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Cartoon Laws Of Physics

1. Cartoon Law I
Any body suspended in space will remain in space until made aware of itssituation.
Daffy Duck steps off a cliff, expecting further pastureland. He loitersin midair, soliloquizing flippantly, until he chances to look down. Atthis point, the familiar principle of 32 feet per second per secondtakes over.
2. Cartoon Law II
Any body in motion will tend to remain in motion until solid matterintervenes suddenly. Whether shot from a cannon or in hot pursuit onfoot, cartoon characters are so absolute in their momentum that only atelephone pole or an outsize boulder retards their forward motionabsolutely. Sir Isaac Newton called this sudden termination of motionthe stooge's surcease.
3. Cartoon Law III
Any body passing through solid matter will leave a perforationconforming exactly to its perimeter.
Also called the silhouette of passage, this phenomenon is the specialityof victims of directed-pressure explosions and of reckless cowards whoare so eager to escape that they exit directly through the wall of ahouse, leaving a cookie-cutout-perfect hole. The threat of skunks ormatrimony often catalyses this reaction.
4. Cartoon Law IV
The time required for an object to fall twenty stories is greater thanor equal to the time it takes for whoever knocked it off the ledge to
spiral down twenty flights to attempt to capture it unbroken.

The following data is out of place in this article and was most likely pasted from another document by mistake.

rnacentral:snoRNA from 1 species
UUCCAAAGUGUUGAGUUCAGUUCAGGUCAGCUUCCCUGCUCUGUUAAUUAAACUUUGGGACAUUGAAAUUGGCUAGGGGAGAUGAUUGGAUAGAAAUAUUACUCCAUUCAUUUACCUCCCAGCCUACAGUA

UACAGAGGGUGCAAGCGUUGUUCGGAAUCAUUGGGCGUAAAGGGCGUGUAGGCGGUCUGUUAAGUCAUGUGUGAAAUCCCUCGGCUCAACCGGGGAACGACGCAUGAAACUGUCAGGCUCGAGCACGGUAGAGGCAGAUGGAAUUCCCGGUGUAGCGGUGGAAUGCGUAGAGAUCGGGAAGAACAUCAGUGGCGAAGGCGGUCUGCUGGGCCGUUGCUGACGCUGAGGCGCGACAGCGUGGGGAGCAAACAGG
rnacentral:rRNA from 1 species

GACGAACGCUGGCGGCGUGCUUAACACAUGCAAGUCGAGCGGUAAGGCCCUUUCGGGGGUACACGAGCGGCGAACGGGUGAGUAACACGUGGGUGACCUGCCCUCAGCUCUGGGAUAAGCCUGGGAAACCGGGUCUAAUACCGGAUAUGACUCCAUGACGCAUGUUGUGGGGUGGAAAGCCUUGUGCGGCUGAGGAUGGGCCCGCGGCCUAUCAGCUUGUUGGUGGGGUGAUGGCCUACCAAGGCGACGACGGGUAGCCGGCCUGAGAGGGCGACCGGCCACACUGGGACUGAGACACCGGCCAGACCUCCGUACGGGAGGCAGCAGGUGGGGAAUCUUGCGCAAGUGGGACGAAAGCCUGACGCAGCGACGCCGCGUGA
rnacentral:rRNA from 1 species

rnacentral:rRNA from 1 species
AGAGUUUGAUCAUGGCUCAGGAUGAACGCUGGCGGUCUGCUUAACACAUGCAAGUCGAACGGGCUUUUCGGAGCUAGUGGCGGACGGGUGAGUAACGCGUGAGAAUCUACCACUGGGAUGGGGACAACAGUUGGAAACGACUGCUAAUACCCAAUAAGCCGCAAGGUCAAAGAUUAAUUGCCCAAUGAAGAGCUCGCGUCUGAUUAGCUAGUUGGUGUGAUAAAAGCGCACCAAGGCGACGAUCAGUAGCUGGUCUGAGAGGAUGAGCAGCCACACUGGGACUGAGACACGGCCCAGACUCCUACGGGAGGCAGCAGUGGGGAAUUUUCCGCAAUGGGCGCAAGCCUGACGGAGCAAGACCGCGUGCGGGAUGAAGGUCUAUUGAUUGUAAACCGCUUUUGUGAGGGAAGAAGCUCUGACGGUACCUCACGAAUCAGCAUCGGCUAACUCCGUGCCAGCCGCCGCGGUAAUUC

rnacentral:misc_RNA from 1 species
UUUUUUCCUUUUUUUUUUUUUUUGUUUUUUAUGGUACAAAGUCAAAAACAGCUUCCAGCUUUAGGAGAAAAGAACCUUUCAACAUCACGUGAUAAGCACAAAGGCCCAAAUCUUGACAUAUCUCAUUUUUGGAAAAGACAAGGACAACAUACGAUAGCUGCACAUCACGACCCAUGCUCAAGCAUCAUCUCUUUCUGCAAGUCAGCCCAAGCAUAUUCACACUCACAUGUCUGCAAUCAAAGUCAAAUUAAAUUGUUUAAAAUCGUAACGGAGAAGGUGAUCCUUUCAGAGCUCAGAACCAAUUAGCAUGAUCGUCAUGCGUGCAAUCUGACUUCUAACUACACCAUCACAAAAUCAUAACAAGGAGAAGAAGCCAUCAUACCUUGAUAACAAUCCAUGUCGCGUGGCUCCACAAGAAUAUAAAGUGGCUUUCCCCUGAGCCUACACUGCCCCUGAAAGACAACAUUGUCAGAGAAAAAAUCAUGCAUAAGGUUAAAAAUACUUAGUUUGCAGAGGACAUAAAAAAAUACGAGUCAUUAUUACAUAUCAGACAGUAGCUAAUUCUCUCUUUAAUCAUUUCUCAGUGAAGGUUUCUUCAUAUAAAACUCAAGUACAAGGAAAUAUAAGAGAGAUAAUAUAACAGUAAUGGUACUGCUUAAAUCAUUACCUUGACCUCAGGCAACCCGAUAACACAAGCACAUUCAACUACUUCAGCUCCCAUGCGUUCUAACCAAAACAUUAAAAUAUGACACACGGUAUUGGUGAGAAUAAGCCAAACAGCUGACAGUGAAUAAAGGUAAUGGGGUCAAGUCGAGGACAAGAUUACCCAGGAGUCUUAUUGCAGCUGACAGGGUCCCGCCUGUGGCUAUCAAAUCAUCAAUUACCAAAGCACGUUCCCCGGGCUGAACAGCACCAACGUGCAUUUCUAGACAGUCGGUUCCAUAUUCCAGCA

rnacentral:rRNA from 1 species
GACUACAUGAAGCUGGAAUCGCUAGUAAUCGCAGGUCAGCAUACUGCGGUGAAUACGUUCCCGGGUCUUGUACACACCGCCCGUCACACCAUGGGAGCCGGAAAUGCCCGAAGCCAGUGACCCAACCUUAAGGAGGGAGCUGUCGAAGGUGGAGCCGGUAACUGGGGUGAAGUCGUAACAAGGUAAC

Such an object is inevitably priceless, the attempt to capture itinevitably unsuccessful.
5. Cartoon Law V
All principles of gravity are negated by fear.
Psychic forces are sufficient in most bodies for a shock to propel themdirectly away from the earth's surface. A spooky noise or anadversary's signature sound will induce motion upward, usually to the
cradle of a chandelier, a treetop, or the crest of a flagpole. The feetof a character who is running or the wheels of a speeding auto neednever touch the ground, especially when in flight.
6. Cartoon Law VI
As speed increases, objects can be in several places at once.This is particularly true of tooth-and-claw fights, in which acharacter's head may be glimpsed emerging from the cloud of altercationat several places simultaneously. This effect is common as well amongbodies that are spinning or being throttled. A 'wacky' character hasthe option of self-replication only at manic high speeds and mayricochet off walls to achieve the velocity required.
7. Cartoon Law VII
Certain bodies can pass through solid walls painted to resemble tunnelentrances; others cannot.
This trompe l'oeil inconsistency has baffled generations, but at leastit is known that whoever paints an entrance on a wall's surface to trickan opponent will be unable to pursue him into this theoretical space.The painter is flattened against the wall when he attempts to followinto the painting. This is ultimately a problem of art, not of science.
8. Cartoon Law VIII
Any violent rearrangement of feline matter is impermanent.
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